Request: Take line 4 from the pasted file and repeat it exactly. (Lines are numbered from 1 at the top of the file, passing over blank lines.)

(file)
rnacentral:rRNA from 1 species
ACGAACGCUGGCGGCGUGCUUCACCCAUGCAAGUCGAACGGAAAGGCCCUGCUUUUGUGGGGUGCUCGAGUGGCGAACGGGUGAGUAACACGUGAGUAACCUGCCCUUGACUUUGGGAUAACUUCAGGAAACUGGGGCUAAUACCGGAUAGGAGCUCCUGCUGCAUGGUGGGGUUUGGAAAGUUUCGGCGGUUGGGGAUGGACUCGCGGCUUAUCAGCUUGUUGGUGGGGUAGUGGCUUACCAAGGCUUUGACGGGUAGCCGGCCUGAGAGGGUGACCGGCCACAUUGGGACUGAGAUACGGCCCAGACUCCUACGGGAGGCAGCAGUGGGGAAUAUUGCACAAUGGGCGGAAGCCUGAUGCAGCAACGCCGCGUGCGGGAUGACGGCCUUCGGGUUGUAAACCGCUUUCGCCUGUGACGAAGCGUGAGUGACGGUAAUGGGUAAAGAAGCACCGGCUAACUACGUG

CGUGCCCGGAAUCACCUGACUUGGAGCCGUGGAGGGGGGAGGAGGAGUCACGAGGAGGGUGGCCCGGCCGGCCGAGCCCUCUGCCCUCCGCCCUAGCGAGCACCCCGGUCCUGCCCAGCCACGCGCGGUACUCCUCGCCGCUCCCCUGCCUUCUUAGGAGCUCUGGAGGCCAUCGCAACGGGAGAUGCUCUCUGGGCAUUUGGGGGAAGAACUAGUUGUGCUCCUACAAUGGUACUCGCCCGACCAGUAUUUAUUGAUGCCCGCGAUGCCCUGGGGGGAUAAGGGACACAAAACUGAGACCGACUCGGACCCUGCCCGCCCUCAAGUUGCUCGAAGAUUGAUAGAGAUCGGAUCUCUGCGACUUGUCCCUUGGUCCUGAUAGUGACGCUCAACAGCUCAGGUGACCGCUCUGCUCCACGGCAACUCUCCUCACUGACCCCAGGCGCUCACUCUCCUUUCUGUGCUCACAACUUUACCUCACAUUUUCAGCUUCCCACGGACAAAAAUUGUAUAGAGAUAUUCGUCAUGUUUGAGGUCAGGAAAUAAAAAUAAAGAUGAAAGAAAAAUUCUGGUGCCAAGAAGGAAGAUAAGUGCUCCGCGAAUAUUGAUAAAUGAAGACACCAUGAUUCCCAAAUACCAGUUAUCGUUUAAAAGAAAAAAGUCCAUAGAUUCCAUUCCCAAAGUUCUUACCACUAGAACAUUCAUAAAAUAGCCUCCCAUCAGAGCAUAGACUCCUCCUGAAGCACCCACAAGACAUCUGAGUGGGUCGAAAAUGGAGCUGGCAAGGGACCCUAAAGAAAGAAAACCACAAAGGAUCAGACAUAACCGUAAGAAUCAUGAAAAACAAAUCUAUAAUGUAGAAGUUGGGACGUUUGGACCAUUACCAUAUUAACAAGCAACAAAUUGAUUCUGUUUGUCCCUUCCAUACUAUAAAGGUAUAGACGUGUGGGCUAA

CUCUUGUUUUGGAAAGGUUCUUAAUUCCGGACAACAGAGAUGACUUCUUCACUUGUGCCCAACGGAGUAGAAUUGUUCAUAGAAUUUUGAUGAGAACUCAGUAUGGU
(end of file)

CUCUUGUUUUGGAAAGGUUCUUAAUUCCGGACAACAGAGAUGACUUCUUCACUUGUGCCCAACGGAGUAGAAUUGUUCAUAGAAUUUUGAUGAGAACUCAGUAUGGU